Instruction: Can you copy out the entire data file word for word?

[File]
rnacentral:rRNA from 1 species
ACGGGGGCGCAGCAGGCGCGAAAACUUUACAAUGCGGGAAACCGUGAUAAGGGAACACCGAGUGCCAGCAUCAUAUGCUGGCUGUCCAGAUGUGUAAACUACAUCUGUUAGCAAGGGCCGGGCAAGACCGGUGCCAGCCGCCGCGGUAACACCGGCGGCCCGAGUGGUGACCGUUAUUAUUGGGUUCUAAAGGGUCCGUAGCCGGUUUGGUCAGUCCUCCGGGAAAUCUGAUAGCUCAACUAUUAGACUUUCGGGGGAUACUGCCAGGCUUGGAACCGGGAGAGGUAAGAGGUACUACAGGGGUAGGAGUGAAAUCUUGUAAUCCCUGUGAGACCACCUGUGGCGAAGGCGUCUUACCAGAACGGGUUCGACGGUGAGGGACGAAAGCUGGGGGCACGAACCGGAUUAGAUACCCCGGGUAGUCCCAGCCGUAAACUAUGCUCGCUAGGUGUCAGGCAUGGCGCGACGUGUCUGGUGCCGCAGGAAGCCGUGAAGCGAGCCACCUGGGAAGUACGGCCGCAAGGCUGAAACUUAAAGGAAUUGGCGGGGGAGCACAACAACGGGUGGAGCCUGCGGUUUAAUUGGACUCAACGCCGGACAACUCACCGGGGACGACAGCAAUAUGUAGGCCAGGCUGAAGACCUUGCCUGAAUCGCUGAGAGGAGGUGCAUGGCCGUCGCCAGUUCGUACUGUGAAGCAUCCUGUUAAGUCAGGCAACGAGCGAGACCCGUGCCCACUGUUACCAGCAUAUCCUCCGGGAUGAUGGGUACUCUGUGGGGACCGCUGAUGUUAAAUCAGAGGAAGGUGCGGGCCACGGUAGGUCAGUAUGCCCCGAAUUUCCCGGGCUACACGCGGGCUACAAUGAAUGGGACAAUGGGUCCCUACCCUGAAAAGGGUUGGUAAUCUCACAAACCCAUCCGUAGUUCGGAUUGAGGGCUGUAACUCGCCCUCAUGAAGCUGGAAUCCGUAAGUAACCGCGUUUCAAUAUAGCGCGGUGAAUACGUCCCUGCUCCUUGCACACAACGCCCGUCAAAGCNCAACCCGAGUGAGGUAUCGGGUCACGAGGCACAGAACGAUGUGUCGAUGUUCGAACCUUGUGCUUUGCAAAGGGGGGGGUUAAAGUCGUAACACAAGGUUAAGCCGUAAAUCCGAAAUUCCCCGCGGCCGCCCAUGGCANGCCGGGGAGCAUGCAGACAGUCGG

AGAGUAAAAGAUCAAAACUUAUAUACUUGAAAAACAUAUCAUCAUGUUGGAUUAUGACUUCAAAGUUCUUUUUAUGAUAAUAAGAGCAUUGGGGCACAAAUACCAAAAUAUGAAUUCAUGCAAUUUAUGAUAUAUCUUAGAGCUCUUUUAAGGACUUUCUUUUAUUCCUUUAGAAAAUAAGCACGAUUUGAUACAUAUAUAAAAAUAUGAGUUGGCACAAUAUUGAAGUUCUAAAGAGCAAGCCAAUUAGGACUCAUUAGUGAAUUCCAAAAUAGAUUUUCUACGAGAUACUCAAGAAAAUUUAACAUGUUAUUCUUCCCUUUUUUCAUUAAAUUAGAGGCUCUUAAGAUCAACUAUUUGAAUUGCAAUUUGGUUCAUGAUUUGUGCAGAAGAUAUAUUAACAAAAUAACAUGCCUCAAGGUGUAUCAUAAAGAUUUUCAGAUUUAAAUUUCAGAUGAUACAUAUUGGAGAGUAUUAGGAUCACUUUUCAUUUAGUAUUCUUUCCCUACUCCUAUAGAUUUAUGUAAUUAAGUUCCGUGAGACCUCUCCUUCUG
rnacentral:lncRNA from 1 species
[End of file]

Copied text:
rnacentral:rRNA from 1 species
ACGGGGGCGCAGCAGGCGCGAAAACUUUACAAUGCGGGAAACCGUGAUAAGGGAACACCGAGUGCCAGCAUCAUAUGCUGGCUGUCCAGAUGUGUAAACUACAUCUGUUAGCAAGGGCCGGGCAAGACCGGUGCCAGCCGCCGCGGUAACACCGGCGGCCCGAGUGGUGACCGUUAUUAUUGGGUUCUAAAGGGUCCGUAGCCGGUUUGGUCAGUCCUCCGGGAAAUCUGAUAGCUCAACUAUUAGACUUUCGGGGGAUACUGCCAGGCUUGGAACCGGGAGAGGUAAGAGGUACUACAGGGGUAGGAGUGAAAUCUUGUAAUCCCUGUGAGACCACCUGUGGCGAAGGCGUCUUACCAGAACGGGUUCGACGGUGAGGGACGAAAGCUGGGGGCACGAACCGGAUUAGAUACCCCGGGUAGUCCCAGCCGUAAACUAUGCUCGCUAGGUGUCAGGCAUGGCGCGACGUGUCUGGUGCCGCAGGAAGCCGUGAAGCGAGCCACCUGGGAAGUACGGCCGCAAGGCUGAAACUUAAAGGAAUUGGCGGGGGAGCACAACAACGGGUGGAGCCUGCGGUUUAAUUGGACUCAACGCCGGACAACUCACCGGGGACGACAGCAAUAUGUAGGCCAGGCUGAAGACCUUGCCUGAAUCGCUGAGAGGAGGUGCAUGGCCGUCGCCAGUUCGUACUGUGAAGCAUCCUGUUAAGUCAGGCAACGAGCGAGACCCGUGCCCACUGUUACCAGCAUAUCCUCCGGGAUGAUGGGUACUCUGUGGGGACCGCUGAUGUUAAAUCAGAGGAAGGUGCGGGCCACGGUAGGUCAGUAUGCCCCGAAUUUCCCGGGCUACACGCGGGCUACAAUGAAUGGGACAAUGGGUCCCUACCCUGAAAAGGGUUGGUAAUCUCACAAACCCAUCCGUAGUUCGGAUUGAGGGCUGUAACUCGCCCUCAUGAAGCUGGAAUCCGUAAGUAACCGCGUUUCAAUAUAGCGCGGUGAAUACGUCCCUGCUCCUUGCACACAACGCCCGUCAAAGCNCAACCCGAGUGAGGUAUCGGGUCACGAGGCACAGAACGAUGUGUCGAUGUUCGAACCUUGUGCUUUGCAAAGGGGGGGGUUAAAGUCGUAACACAAGGUUAAGCCGUAAAUCCGAAAUUCCCCGCGGCCGCCCAUGGCANGCCGGGGAGCAUGCAGACAGUCGG

AGAGUAAAAGAUCAAAACUUAUAUACUUGAAAAACAUAUCAUCAUGUUGGAUUAUGACUUCAAAGUUCUUUUUAUGAUAAUAAGAGCAUUGGGGCACAAAUACCAAAAUAUGAAUUCAUGCAAUUUAUGAUAUAUCUUAGAGCUCUUUUAAGGACUUUCUUUUAUUCCUUUAGAAAAUAAGCACGAUUUGAUACAUAUAUAAAAAUAUGAGUUGGCACAAUAUUGAAGUUCUAAAGAGCAAGCCAAUUAGGACUCAUUAGUGAAUUCCAAAAUAGAUUUUCUACGAGAUACUCAAGAAAAUUUAACAUGUUAUUCUUCCCUUUUUUCAUUAAAUUAGAGGCUCUUAAGAUCAACUAUUUGAAUUGCAAUUUGGUUCAUGAUUUGUGCAGAAGAUAUAUUAACAAAAUAACAUGCCUCAAGGUGUAUCAUAAAGAUUUUCAGAUUUAAAUUUCAGAUGAUACAUAUUGGAGAGUAUUAGGAUCACUUUUCAUUUAGUAUUCUUUCCCUACUCCUAUAGAUUUAUGUAAUUAAGUUCCGUGAGACCUCUCCUUCUG
rnacentral:lncRNA from 1 species